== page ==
9 Tips for Self Editing and Proofreading

Before submitting your paper, sending out a professional email, or giving a speech, you need to take some time for editing and proofreading. You don’t want to present your ideas to the world before they’re polished and ready to go. However, editing and proofreading your own work can be difficult. It’s hard to spot issues with your own words, especially after you’ve read them over and over again. To help you get past this, try these 9 tips!

Editing and proofreading with red pen-magoosh

Photo by 3844328

Take Time Away

After spending hours behind the computer, it’s difficult to spot errors. Everything just starts to blend together. To counter this, step away from your computer for a little while. Give yourself a couple of hours or even a whole day before coming back to your work. Then, you’ll have fresh eyes as you review your work.

Eliminate Distractions

As you sit down to start editing and proofreading, eliminate distractions. Turn off your television or music, silence your phone, or move to a quiet location. Make sure that you can focus on reading without allowing outside distractions to creep into your mind, which could make it difficult to remember what you’re reading.

Print Out a Hard Copy

If you’ve been reading your paper on a computer screen, consider printing it out for a fresh take. With a hard copy, you can get a different view that will help you spot mistakes. You can also write on it to help you make revisions right then and there.

Read Your Paper Aloud

Try reading your paper aloud. First, read it to yourself. Then, try reading it to a friend. While reading it aloud, you can hear how the sentences work together. You may find yourself needing to reword sentences or rework entire paragraphs as you discover how it sounds.

Focus on One Thing at a Time

During the revision process, you may need to reread your paper multiple times. Assign yourself something to look for with each reading. On your first reading, you could only look at the punctuation. The next reading could focus on sentence structure, spelling, word choice, style, citations, etc. Then, you can really hone in on each area and make sure that your final paper is polished and ready.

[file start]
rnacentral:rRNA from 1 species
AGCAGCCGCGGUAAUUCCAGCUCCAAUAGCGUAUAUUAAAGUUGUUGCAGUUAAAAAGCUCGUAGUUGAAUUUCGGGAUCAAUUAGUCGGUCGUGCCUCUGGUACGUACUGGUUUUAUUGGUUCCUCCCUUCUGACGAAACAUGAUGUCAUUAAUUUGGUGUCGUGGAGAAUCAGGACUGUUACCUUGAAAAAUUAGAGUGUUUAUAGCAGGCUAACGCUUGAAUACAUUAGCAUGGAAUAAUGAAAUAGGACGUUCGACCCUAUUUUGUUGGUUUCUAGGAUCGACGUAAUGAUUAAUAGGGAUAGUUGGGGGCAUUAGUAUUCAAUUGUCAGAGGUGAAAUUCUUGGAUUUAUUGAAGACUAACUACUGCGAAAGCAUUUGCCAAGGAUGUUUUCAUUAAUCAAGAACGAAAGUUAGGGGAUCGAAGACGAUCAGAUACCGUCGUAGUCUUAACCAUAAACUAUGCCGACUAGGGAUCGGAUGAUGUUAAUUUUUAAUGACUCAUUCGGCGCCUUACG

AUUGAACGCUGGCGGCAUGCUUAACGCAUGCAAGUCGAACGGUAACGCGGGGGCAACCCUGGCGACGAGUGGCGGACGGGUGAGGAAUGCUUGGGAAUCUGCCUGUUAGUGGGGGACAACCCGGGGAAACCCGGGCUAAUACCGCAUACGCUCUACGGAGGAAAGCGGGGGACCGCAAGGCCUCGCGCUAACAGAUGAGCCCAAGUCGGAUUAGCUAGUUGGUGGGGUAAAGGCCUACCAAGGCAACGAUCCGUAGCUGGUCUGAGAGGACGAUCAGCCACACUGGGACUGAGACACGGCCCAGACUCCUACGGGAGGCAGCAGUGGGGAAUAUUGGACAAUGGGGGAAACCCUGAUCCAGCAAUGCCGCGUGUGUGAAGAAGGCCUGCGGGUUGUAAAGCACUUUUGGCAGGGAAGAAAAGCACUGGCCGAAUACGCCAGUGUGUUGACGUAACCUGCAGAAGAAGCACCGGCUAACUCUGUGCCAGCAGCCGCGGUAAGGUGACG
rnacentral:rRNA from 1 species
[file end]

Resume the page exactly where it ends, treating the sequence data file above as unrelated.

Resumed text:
Use Your Resources

Use your resources to make sure that your word choice is spot on throughout your paper. To check for spelling errors, use your word processor’s spellchecker. Then, grab a dictionary. There may be a word that you’re unsure about. Use the dictionary to ensure that you used the correct word. Remember that the spellchecker can only tell you whether or not you spelled a word correctly. It won’t tell you if you used the right word.

Create a Proofreading Checklist

Before you start editing, make a checklist. What do you need to look for as you review your work? Some things on the checklist could be spelling, punctuation, idea development, sentence structure, sentence variety, paragraph transitions, or word choice. After editing the paper, go through your checklist. Did you check for everything on your list? Are you confident that each item was thoroughly reviewed? If not, go back through your work to check for that particular element.

Edit Backwards

Rather than read top to bottom and left to right, try reading bottom to top and right to left. Although this seems ridiculous, this can help you examine each word and punctuation mark you used. You can spot words that don’t make sense, so you can choose the best words within each sentence to convey your ideas.

Concentrate on One Line

Get out a bookmark or ruler to help you with the revision process. As you read line by line, use your tool to cover the rest of your paper. By doing this, you’re forced to concentrate on one line at a time. Then, you can spot any issues on that one line that need to be fixed.

If all else fails with your editing and proofreading process, ask a friend or Magoosh tutor to help you edit and provide constructive feedback. This will help you polish your writing and prepare it for submission, publication, or presentation.

P.S. Become a better writer. Find out more here.